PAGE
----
Assigning Priorities…

April 24, 2008

Being able to take all of the incoming tasks in your graduate life and accurately define the importance of them is one of the great keys to a happy & successful graduate career. I have found it is what makes the difference between those barely keeping their heads above water, and those that are not just surviving — but thriving. What one needs is a system that can be used consistantly and accurately to assign degrees of importance to incoming tasks.

The most effective means I have found to do this is by using Stephen Covey’s quadrants. Below is a simplified version of Covey’s quadrants that I made for myself in powerpoint. I have printed this off and keep a copy of this posted near my workstation.

When new information comes to an inbox, I organize that information in my to-do list (or on Todoist) and attach a corresponding value to the task based on Covey’s suggestion. So how do you exactly determine if something is a 1,2,3, or 4? What are the criteria for determining if something is important enough to be labeled “important”? For me this is simple. I have a large goal in mind, that of becoming a productive research faculty member at a research intensive university. Thus, I view my doctorate program as an apprenticeship to that goal. I attempt to take on the same obligations as faculty that hold such positions. The things that are important to me usually fall under four categories: my own coursework, research, teaching and service. By demonstrating that I have already done the things that faculty must do (research, teaching and service) — I am hoping that future employers will see me as a low risk investment compared to other new graduates. Anything else that does not fall within those goals are “interruptions” or “trivia” that I do not need to waste substantial time on.

The key to Covey’s quadrant is to spend the majority of your time on quadrant 2 (important, not urgent) activities. This allows you to gain control over important items long before they are due. If you are doing things correctly, (capturing information, organizing it, and attaching accurate priorities) quadrant 1 should be a very small portion of your week. You should have anticipated and prepared for most of your activities that go in quadrant 1 while they were still in quadrant 2. Concentrating on quadrant 2 is the most fundamental part of being successful, not only in grad school, but also in your professional career.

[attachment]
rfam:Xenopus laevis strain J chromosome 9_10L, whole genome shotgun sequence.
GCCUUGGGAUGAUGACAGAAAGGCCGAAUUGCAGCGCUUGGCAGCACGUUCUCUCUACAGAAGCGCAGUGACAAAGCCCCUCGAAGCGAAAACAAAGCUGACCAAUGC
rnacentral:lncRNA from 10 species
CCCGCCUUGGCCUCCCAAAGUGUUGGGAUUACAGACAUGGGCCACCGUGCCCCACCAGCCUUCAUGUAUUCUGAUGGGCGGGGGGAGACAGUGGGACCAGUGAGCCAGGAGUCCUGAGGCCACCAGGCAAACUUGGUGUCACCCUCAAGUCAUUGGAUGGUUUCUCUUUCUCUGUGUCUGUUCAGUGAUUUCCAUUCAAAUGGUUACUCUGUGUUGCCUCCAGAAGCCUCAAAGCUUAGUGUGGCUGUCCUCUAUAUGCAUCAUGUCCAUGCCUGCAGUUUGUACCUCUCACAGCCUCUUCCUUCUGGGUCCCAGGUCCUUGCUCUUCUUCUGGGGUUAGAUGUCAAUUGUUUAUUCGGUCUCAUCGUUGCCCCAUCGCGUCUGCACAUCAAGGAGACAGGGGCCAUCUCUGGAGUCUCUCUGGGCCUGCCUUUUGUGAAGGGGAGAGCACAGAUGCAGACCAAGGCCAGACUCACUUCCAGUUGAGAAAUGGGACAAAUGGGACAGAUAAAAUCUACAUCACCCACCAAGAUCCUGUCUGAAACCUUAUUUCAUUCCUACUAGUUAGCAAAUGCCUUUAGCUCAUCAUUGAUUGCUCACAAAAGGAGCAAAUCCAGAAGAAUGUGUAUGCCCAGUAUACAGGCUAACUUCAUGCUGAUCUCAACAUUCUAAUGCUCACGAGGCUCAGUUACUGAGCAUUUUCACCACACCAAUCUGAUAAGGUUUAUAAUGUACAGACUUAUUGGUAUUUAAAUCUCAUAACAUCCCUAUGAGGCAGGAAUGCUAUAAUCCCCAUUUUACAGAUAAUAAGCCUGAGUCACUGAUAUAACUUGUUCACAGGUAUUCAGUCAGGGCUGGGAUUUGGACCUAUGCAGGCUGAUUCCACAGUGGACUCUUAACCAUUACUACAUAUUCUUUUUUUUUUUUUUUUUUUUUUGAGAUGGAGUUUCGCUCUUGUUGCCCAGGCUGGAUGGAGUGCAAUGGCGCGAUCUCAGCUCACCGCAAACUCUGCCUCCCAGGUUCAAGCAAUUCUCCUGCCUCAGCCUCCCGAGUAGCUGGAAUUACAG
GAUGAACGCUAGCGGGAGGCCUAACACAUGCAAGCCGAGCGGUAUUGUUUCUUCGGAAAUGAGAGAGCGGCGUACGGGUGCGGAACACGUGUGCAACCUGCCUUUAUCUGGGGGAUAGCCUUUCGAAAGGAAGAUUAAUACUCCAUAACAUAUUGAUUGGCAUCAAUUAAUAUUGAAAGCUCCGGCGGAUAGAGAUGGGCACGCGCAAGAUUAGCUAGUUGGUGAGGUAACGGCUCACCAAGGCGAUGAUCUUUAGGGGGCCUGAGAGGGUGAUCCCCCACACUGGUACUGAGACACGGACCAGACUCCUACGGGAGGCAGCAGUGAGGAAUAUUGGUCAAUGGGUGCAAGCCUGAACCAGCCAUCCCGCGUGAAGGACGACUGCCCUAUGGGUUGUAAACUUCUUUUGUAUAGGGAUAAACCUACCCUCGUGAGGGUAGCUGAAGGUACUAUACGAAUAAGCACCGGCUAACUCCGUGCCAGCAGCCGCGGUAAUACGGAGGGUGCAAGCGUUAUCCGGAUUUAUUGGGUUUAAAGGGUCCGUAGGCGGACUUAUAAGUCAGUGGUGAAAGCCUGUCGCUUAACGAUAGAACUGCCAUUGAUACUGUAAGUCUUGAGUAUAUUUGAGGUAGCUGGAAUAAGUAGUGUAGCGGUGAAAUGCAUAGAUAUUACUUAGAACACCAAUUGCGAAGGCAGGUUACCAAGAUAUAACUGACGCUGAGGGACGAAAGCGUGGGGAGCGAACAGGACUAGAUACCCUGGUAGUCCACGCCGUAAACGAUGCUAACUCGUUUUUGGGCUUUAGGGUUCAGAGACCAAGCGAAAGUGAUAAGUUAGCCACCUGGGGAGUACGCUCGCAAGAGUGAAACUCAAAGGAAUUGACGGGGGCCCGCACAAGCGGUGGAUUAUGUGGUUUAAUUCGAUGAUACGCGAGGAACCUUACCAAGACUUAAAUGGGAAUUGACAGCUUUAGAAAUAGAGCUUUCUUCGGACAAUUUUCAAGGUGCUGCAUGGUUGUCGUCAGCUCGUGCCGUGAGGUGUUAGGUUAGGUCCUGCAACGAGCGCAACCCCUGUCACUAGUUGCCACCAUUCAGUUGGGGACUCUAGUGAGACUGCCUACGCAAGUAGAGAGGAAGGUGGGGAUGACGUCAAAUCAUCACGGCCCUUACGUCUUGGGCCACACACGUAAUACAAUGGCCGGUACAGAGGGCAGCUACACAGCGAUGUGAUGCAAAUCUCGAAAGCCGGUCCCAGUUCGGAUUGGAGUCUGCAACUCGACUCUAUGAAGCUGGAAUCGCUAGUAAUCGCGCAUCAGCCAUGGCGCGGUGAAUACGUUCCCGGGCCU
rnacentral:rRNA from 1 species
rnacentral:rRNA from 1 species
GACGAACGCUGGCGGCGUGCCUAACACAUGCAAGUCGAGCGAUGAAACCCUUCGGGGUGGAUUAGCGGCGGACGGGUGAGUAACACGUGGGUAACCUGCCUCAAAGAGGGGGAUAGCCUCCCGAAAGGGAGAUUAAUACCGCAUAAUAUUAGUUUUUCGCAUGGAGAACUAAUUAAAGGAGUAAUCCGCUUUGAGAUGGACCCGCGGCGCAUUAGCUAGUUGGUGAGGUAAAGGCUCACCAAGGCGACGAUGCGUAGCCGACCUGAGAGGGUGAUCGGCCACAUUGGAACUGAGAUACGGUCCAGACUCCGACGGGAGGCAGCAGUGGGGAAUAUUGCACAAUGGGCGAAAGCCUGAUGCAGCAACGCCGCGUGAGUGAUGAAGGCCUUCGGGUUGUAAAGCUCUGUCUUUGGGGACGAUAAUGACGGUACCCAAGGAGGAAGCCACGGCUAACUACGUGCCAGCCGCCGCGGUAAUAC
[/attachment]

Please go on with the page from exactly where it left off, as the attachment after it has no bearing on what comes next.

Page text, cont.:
What about quadrants 3 & 4? Quadrant 3 is usually filled with activities that you must do, but do not have value or importance or you. For me this usually include committee meetings, favors for faculty or the department chair, and other peoples unexpected emergencies. If I have time to accomplish these things, fantastic. I go for it full-steam. This can be a worthwhile endeavor from time to time simply because it never hurts to be a helpful colleague to those around you. The bottom line is they never take precedence my work on 1’s & 2’s. Never feel pressured or hesitate to decline something you know is going to end up in quadrant 3. As for the 4’s, honestly I usually never get them done and I just check them off the list. Most of the time these are things I realize are part of my addictions or compulsions and I end up saying “to hell with that”. I prefer to tackle mountains (1’s & 2’s), not the molehills (3’s & 4’s).

So there you have it. An effective and repeatable means by which to prioritize the responsibilities that will be coming into your graduate life. Have a big goal in mind and assess things in that context. Will this help me….”get a postdoc”, “get a faculty position” “complete my dissertation?”. If the answer is YES, it belongs in a 1 or 2. If the answer is NO, do not hesitate to label it as unimportant.

add to del.icio.us : Add to Blinkslist : add to furl : Digg it : add to ma.gnolia : Stumble It! : add to simpy : seed the vine : : : TailRank : post to facebook

Advertisements

Leave a Reply

Fill in your details below or click an icon to log in:

WordPress.com Logo

You are commenting using your WordPress.com account. Log Out / Change )

Twitter picture

You are commenting using your Twitter account. Log Out / Change )

Facebook photo

You are commenting using your Facebook account. Log Out / Change )

Google+ photo

You are commenting using your Google+ account. Log Out / Change )

Connecting to %s

%d bloggers like this: